this court, we dismiss the appeals.

A party that appeals to this court
from a decision of the Board, however, must have Article
III standing in order for this court to consider the merits of
the appeal. Consumer Watchdog v. Wis. Alumni Research
Found. [WARF], 753 F.3d 1258, 1261 (Fed. Cir. 2014); JTEKT, 898
F.3d at 1219.

Sunday, April 26, 2020

Is Maryland still having a problem with Covid19 infections?

There was an interesting exchange on NBC's "Face the Nation" on 26 April 2020:

MARGARET BRENNAN to Maryland Governor Hogan: I want to ask you about this region of the country. Doctor Birx said that the D.C. metro area, Maryland, obviously being part of that, is still having a problem with infections. Why? What is-- what is driving this?

Governor Hogan: (...) the whole talk we've been hearing about for more than a month now is about trying to flatten and lengthen that curve so you don't have the big spikes. That's exactly what we've been really successful in doing here in this region. That's why we're about a couple of weeks behind places like New York and New Orleans and other places. We have dramatically flattened and lengthened that curve and lowered the numbers. But unfortunately, that means-- that means we're also a little bit behind, and now those numbers are coming up. We can't stop the virus, but we've at least up till now, stopped the overflow of our health care system, the overburdening of the ICU beds and ventilators and things like that. But yes, we're-- [interrupted by Brennan]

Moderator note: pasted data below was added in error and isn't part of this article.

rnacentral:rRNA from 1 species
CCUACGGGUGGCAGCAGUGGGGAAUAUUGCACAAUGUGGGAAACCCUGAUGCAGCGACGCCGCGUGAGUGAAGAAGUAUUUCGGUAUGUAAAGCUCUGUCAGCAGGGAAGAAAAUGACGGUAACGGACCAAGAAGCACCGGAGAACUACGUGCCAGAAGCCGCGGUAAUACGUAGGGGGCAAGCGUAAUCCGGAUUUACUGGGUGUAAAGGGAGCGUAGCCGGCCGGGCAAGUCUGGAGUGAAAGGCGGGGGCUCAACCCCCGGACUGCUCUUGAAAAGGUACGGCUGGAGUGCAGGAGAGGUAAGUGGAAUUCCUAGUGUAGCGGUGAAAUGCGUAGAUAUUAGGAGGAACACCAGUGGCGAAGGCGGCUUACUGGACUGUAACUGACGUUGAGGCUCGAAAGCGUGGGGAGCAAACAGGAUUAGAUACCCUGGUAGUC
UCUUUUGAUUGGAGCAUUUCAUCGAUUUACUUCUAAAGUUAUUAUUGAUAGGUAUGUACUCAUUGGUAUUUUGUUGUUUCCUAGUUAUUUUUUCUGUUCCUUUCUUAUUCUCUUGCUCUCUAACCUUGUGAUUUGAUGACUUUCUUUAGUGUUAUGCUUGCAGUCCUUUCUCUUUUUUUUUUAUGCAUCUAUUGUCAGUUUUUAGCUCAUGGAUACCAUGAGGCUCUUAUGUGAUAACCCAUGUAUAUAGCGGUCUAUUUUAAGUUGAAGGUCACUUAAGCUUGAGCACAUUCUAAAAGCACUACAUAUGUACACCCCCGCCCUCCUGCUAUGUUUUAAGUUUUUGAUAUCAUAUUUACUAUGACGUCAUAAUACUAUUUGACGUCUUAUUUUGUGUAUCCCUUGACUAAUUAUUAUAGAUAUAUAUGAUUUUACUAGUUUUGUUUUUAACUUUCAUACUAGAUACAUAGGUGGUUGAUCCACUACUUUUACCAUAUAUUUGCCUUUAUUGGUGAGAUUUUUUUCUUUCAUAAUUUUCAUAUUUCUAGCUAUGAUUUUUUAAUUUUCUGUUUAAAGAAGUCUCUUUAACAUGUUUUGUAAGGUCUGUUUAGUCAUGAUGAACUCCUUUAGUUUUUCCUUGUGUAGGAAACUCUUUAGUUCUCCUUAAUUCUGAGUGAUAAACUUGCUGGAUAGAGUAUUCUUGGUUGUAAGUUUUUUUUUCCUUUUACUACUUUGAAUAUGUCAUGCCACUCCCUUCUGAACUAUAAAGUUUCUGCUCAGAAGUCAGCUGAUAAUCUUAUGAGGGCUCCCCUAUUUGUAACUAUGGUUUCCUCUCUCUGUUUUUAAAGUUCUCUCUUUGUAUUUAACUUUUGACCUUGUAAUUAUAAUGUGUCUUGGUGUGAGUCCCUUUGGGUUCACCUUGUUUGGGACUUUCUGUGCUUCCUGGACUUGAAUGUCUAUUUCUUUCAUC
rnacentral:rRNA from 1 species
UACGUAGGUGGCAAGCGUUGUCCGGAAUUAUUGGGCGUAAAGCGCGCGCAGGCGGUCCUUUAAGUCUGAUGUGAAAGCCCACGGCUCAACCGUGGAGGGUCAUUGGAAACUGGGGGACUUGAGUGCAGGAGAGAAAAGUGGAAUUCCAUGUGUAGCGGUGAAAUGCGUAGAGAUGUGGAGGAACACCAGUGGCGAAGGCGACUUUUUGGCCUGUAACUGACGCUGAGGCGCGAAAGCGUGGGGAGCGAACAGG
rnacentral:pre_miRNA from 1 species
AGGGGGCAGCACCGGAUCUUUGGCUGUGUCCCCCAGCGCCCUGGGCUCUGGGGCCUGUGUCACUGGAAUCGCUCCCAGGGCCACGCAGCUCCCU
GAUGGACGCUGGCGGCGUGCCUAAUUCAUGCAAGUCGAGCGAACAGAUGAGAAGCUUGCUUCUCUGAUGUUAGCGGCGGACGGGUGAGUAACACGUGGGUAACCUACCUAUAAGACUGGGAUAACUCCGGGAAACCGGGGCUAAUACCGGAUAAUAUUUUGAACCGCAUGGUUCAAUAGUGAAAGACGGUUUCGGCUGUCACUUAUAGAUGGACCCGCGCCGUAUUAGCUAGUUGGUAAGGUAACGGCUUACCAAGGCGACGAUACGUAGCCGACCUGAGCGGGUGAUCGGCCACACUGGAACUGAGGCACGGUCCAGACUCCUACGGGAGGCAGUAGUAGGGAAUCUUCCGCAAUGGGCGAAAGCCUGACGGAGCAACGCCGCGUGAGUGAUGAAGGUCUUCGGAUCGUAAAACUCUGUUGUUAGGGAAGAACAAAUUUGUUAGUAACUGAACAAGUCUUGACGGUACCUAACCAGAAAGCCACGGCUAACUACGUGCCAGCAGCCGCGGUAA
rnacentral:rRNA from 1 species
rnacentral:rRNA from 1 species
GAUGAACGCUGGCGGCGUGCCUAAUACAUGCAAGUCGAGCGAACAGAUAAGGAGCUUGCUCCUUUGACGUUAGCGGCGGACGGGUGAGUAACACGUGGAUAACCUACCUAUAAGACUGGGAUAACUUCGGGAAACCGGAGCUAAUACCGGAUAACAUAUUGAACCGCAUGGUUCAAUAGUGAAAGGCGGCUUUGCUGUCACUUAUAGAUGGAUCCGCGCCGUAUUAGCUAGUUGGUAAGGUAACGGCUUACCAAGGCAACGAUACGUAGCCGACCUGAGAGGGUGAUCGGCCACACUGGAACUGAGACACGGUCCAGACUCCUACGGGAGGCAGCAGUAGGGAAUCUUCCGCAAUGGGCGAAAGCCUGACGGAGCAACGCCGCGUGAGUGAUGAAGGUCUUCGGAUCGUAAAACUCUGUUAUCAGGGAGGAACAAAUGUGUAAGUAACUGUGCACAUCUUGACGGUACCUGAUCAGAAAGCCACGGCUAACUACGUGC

At this point, without acknowledging the accuracy of Hogan's response, Brennan switched to testing. One recalls that the [initial] rationale for social isolation, termed "flattening the curve," was to lessen the burden of a high number of cases arriving at the hospitals, so that the finite hospital capacity was better matched to the input. Hogan's response was on point. The initial theory did not say that the number of infections would be lowered. The theory was that they would be spread out in time.i